Why Every Company Is Now A Data Company


There’s a magic formula: “When a company uses data to personalize its inventory, it creates a better UX.”

That’s the central argument behind “The Spotify effect: Why every company is now a data company,” a post this month in The Next Web by Marius Moscovici, the founder and CEO of business analytics firm MetricInsights.

Guaranteed Disruption

“When it is used well, data is a guaranteed disruptor,” Moscovici says, citing large and small examples ranging from Amazon, Netflix, and Macy’s to Getty Images, Palantir, and recent IPO Castlight Health. “Valuing a company based on its data prowess is smart, because data is what will drive future value,” he says.

Moscovici explains how data lets retailers dynamically price inventory in real time to optimize profits while credit card companies can analyze historical transactions to fight churn—long before users actually abandon a service. In the streaming music industry, better data allows more sophisticated recommendation systems incorporating everything from the users’ mood to their location and time of day.

From Data Nerds to Data Companies

At New Relic, we couldn’t agree more. After all, if we are all data nerds, it only makes sense that we pay attention to companies that leverage data to provide us with a superior experience. Our customers know that data lets them do whatever they do better. Groupon, for example, uses data to scale seamlessly during traffic bursts that can easily double or triple normal levels – sometimes reaching 70,000 concurrent users! Ticketfly, meanwhile, uses data to power a customer analytics suite called Fanbase that gives promoters greater insight into sales, attendance, and social sharing data for driving loyalty and mobilizing influential customers.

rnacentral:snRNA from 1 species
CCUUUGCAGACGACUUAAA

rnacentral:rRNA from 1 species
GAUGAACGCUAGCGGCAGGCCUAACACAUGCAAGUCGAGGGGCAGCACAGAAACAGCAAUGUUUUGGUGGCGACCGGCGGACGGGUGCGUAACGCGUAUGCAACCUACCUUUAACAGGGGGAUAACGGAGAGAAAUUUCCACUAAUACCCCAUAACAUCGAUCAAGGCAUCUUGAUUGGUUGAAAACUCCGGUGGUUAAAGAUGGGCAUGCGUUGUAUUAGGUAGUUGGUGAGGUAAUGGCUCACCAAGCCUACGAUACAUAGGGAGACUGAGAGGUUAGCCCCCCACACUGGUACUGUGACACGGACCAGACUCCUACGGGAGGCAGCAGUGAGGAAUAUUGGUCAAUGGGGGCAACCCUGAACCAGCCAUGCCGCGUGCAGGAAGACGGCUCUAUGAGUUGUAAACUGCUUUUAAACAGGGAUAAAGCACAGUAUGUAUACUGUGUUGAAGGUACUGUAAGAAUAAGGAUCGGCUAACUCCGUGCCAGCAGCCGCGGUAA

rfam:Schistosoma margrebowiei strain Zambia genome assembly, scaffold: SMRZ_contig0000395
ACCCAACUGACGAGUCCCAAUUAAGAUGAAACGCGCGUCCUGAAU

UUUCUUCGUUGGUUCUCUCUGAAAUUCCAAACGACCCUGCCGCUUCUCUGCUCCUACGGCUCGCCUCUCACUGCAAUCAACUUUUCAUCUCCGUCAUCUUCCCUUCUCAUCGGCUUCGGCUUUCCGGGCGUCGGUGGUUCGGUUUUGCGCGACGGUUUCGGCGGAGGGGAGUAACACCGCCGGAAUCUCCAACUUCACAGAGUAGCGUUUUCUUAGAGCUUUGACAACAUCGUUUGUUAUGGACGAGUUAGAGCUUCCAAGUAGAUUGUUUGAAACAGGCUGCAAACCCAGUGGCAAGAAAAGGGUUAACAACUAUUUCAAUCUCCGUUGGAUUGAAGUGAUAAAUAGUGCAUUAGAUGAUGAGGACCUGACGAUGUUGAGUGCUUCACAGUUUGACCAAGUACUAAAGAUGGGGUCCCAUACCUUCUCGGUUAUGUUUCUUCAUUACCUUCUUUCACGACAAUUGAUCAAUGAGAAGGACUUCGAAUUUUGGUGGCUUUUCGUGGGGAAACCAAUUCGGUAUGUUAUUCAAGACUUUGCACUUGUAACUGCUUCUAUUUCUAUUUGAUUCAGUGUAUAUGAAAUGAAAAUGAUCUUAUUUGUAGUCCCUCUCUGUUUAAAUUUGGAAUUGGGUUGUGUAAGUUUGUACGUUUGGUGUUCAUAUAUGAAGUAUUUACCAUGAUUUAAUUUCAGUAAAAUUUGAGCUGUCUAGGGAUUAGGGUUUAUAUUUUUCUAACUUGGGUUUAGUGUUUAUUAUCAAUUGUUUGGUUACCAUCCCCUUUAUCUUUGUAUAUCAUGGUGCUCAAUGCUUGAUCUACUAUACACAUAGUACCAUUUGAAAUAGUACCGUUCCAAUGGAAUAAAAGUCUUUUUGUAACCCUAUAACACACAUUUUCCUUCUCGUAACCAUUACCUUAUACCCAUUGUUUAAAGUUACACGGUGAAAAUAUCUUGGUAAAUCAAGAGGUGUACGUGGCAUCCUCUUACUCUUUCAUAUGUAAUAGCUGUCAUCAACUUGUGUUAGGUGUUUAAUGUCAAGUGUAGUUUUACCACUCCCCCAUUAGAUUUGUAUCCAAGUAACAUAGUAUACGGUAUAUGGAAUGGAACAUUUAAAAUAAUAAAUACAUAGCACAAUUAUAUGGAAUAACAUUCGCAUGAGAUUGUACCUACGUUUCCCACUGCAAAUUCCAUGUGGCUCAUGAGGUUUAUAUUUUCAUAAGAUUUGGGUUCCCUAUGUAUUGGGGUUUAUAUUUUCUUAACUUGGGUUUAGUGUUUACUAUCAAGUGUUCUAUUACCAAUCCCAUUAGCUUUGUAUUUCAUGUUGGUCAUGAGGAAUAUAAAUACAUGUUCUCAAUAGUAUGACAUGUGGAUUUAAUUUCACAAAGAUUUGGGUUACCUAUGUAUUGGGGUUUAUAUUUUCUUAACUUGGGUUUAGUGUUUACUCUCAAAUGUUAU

As Moscovici puts it: “Users have spoken. They like personalization, and that boils down to data.”

Tablet image courtesy of Shutterstock.com.


Fredric Paul (aka The Freditor) is Editor in Chief for New Relic. He's an award-winning writer, editor, and content strategist who has held senior editorial positions at ReadWrite, AllBusiness.com, InformationWeek, CNET, Electronic Entertainment, PC World, and PC|Computing. His writing has appeared in MIT Technology Review, Omni, Conde Nast Traveler, and Newsweek, among other places. View posts by .

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